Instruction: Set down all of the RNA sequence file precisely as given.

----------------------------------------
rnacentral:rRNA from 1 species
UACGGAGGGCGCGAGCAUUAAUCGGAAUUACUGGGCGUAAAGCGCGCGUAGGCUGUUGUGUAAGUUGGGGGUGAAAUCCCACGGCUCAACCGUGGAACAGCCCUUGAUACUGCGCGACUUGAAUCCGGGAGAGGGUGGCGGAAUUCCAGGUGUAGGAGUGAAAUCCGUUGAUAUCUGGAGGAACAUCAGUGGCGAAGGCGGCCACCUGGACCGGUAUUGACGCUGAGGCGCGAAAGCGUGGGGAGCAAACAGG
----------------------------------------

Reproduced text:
rnacentral:rRNA from 1 species
UACGGAGGGCGCGAGCAUUAAUCGGAAUUACUGGGCGUAAAGCGCGCGUAGGCUGUUGUGUAAGUUGGGGGUGAAAUCCCACGGCUCAACCGUGGAACAGCCCUUGAUACUGCGCGACUUGAAUCCGGGAGAGGGUGGCGGAAUUCCAGGUGUAGGAGUGAAAUCCGUUGAUAUCUGGAGGAACAUCAGUGGCGAAGGCGGCCACCUGGACCGGUAUUGACGCUGAGGCGCGAAAGCGUGGGGAGCAAACAGG